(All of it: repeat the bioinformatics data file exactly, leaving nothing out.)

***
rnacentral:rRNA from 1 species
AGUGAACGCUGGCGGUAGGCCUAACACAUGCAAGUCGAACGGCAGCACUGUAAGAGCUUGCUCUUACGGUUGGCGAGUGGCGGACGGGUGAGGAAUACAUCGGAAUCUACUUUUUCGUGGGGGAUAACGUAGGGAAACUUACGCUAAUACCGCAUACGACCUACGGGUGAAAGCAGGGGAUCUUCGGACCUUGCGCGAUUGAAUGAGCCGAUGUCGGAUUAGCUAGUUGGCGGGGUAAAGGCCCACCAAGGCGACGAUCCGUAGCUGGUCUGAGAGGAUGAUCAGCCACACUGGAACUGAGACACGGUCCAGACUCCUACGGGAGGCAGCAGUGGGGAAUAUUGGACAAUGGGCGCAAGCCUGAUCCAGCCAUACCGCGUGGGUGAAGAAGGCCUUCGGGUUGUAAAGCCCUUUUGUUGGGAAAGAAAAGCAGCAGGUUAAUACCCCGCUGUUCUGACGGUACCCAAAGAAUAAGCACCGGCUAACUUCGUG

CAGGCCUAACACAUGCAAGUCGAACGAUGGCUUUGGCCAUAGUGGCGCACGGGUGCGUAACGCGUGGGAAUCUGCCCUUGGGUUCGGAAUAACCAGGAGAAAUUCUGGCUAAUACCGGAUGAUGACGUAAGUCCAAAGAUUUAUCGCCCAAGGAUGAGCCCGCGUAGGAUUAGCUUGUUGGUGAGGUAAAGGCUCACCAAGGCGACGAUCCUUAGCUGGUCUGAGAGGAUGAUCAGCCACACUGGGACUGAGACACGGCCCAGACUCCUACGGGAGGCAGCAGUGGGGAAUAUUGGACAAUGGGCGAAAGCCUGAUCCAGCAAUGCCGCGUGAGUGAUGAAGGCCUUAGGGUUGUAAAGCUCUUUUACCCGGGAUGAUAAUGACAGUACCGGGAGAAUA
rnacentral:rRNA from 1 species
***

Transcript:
rnacentral:rRNA from 1 species
AGUGAACGCUGGCGGUAGGCCUAACACAUGCAAGUCGAACGGCAGCACUGUAAGAGCUUGCUCUUACGGUUGGCGAGUGGCGGACGGGUGAGGAAUACAUCGGAAUCUACUUUUUCGUGGGGGAUAACGUAGGGAAACUUACGCUAAUACCGCAUACGACCUACGGGUGAAAGCAGGGGAUCUUCGGACCUUGCGCGAUUGAAUGAGCCGAUGUCGGAUUAGCUAGUUGGCGGGGUAAAGGCCCACCAAGGCGACGAUCCGUAGCUGGUCUGAGAGGAUGAUCAGCCACACUGGAACUGAGACACGGUCCAGACUCCUACGGGAGGCAGCAGUGGGGAAUAUUGGACAAUGGGCGCAAGCCUGAUCCAGCCAUACCGCGUGGGUGAAGAAGGCCUUCGGGUUGUAAAGCCCUUUUGUUGGGAAAGAAAAGCAGCAGGUUAAUACCCCGCUGUUCUGACGGUACCCAAAGAAUAAGCACCGGCUAACUUCGUG

CAGGCCUAACACAUGCAAGUCGAACGAUGGCUUUGGCCAUAGUGGCGCACGGGUGCGUAACGCGUGGGAAUCUGCCCUUGGGUUCGGAAUAACCAGGAGAAAUUCUGGCUAAUACCGGAUGAUGACGUAAGUCCAAAGAUUUAUCGCCCAAGGAUGAGCCCGCGUAGGAUUAGCUUGUUGGUGAGGUAAAGGCUCACCAAGGCGACGAUCCUUAGCUGGUCUGAGAGGAUGAUCAGCCACACUGGGACUGAGACACGGCCCAGACUCCUACGGGAGGCAGCAGUGGGGAAUAUUGGACAAUGGGCGAAAGCCUGAUCCAGCAAUGCCGCGUGAGUGAUGAAGGCCUUAGGGUUGUAAAGCUCUUUUACCCGGGAUGAUAAUGACAGUACCGGGAGAAUA
rnacentral:rRNA from 1 species